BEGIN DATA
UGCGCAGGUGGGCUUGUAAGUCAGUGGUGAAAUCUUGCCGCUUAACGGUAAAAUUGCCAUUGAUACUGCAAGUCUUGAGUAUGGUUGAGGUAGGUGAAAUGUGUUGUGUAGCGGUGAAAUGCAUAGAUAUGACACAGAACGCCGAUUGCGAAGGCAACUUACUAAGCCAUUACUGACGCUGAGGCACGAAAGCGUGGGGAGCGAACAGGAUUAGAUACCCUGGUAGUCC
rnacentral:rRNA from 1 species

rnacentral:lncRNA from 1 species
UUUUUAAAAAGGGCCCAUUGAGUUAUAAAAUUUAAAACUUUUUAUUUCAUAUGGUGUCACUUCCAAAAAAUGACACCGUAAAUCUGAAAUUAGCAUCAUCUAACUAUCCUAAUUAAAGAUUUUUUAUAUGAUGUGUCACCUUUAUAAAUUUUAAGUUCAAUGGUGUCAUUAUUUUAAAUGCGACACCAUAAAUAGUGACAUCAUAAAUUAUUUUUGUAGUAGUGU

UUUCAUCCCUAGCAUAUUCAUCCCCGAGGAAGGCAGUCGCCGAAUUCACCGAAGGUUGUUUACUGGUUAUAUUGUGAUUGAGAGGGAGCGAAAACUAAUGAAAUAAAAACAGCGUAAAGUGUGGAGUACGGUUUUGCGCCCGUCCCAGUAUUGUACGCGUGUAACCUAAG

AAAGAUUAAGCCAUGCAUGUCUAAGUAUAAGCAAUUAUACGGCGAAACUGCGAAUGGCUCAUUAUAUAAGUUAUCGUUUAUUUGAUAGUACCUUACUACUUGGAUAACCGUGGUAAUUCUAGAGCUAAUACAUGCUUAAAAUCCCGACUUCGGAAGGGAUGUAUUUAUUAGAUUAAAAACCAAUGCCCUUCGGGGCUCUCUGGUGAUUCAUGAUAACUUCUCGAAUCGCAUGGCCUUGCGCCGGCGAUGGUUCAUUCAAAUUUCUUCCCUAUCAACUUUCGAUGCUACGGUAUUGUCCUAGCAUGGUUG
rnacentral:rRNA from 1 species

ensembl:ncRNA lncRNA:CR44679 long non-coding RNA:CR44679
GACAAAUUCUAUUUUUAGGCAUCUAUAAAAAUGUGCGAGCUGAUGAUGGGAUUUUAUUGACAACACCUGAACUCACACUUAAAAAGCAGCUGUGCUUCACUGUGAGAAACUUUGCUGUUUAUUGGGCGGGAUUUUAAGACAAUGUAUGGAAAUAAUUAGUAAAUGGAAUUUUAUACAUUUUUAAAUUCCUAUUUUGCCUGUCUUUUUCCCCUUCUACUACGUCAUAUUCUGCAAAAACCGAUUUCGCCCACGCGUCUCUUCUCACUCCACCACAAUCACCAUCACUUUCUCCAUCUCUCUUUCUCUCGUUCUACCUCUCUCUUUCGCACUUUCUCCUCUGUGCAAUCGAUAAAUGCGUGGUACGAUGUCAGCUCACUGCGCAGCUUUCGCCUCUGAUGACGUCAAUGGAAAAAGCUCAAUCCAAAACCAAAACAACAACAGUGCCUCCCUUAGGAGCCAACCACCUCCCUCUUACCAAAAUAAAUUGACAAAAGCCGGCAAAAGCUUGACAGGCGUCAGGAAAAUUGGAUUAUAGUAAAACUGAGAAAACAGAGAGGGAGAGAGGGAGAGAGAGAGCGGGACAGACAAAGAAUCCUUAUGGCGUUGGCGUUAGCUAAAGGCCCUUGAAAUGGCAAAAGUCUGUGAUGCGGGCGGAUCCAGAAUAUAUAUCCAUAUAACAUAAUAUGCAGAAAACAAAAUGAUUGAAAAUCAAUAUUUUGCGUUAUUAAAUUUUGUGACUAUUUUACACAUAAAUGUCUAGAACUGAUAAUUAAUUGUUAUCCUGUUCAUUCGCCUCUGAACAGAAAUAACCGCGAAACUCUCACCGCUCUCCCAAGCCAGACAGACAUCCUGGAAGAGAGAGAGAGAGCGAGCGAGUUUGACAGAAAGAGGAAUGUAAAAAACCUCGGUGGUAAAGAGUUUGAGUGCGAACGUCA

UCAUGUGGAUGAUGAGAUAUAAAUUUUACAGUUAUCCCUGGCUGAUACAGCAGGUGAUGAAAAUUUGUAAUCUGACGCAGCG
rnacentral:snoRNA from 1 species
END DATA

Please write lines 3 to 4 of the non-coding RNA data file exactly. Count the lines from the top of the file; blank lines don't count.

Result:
rnacentral:lncRNA from 1 species
UUUUUAAAAAGGGCCCAUUGAGUUAUAAAAUUUAAAACUUUUUAUUUCAUAUGGUGUCACUUCCAAAAAAUGACACCGUAAAUCUGAAAUUAGCAUCAUCUAACUAUCCUAAUUAAAGAUUUUUUAUAUGAUGUGUCACCUUUAUAAAUUUUAAGUUCAAUGGUGUCAUUAUUUUAAAUGCGACACCAUAAAUAGUGACAUCAUAAAUUAUUUUUGUAGUAGUGU